the radios have stopped working

by uzwi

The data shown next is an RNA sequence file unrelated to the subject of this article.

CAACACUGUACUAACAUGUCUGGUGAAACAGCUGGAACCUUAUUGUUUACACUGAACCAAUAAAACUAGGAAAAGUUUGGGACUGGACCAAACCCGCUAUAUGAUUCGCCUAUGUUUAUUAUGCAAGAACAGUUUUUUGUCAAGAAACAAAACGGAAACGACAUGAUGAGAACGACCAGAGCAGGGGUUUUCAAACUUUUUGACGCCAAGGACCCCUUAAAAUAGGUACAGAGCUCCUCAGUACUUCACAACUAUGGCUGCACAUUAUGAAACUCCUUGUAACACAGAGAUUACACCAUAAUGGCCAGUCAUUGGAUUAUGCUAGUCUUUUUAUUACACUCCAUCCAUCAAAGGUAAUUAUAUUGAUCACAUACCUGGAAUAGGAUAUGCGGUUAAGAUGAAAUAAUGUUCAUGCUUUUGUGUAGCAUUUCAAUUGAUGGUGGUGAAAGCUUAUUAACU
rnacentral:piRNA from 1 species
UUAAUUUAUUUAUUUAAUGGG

Storms move furtively along the horizon all morning. Then without warning a terrific stench of cowshit pours in through the open windows on a wave of moist air. Appallingly close flashes of lightning, whistling explosions of thunder. A few large splashes of rain on the hot dry concrete outside, then a torrent. The power fails. Through the brown darkness in the room the furniture looms–old, inert, of threatening but apathetic shape. Before each blast of thunder there’s the sputtering dry sound of the discharge, like the sound of water globules dancing on a hotplate; afterwards, a sense of pressure relieved from the ears & sinuses. In the houses on either side the radios have stopped working & the children are kneeling up on the window sills silently watching the air come down as water. The opposite side of the valley disappears in a soft grey haze. After ten or fifteen minutes the sky brightens a little & some chains of black birds appear against it as dots very high up. The thunder moves away. People run up & down outside in the abating rain, laughing & slamming car doors. They are glad to have escaped with nothing worse than wet hair. The children begin to shout & jump. From the farmyard someone can be heard shouting, “Goo on there! What’s the matter with you ? Get on!” to an unfortunate cow. The electricity comes back on. [Holmfirth 1980.]